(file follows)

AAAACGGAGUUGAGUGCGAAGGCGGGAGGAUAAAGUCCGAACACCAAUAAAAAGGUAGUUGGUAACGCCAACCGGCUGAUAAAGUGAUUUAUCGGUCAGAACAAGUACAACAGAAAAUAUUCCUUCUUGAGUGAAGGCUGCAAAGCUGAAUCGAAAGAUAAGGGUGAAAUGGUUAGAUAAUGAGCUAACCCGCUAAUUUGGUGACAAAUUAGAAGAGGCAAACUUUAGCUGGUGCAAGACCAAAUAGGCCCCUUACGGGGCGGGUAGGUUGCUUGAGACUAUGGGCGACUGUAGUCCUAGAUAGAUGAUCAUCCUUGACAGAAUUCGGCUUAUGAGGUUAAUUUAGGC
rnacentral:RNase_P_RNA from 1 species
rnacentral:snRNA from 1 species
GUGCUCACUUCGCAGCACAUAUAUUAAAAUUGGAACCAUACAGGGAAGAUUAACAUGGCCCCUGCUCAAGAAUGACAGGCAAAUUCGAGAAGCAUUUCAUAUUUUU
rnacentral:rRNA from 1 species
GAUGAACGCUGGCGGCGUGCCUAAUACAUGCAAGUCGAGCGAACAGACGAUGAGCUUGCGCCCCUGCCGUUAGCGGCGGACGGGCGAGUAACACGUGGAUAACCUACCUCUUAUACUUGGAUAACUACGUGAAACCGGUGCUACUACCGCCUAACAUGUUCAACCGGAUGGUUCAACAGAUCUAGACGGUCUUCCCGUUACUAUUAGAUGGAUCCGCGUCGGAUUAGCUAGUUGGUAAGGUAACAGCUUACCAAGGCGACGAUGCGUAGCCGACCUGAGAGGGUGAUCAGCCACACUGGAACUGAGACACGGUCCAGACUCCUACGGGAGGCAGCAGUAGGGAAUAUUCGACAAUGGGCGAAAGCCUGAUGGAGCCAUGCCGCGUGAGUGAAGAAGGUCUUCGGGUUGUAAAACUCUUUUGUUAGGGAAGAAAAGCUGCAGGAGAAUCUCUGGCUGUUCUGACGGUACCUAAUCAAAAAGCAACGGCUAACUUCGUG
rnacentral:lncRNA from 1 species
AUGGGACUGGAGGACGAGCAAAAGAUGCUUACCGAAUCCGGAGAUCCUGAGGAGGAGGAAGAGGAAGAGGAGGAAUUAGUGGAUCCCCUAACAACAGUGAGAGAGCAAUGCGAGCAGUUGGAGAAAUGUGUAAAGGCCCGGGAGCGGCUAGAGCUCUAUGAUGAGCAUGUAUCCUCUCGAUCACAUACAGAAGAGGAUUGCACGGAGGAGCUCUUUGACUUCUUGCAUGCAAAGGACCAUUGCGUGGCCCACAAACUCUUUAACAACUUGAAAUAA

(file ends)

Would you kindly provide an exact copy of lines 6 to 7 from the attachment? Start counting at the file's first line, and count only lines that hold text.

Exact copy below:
GAUGAACGCUGGCGGCGUGCCUAAUACAUGCAAGUCGAGCGAACAGACGAUGAGCUUGCGCCCCUGCCGUUAGCGGCGGACGGGCGAGUAACACGUGGAUAACCUACCUCUUAUACUUGGAUAACUACGUGAAACCGGUGCUACUACCGCCUAACAUGUUCAACCGGAUGGUUCAACAGAUCUAGACGGUCUUCCCGUUACUAUUAGAUGGAUCCGCGUCGGAUUAGCUAGUUGGUAAGGUAACAGCUUACCAAGGCGACGAUGCGUAGCCGACCUGAGAGGGUGAUCAGCCACACUGGAACUGAGACACGGUCCAGACUCCUACGGGAGGCAGCAGUAGGGAAUAUUCGACAAUGGGCGAAAGCCUGAUGGAGCCAUGCCGCGUGAGUGAAGAAGGUCUUCGGGUUGUAAAACUCUUUUGUUAGGGAAGAAAAGCUGCAGGAGAAUCUCUGGCUGUUCUGACGGUACCUAAUCAAAAAGCAACGGCUAACUUCGUG
rnacentral:lncRNA from 1 species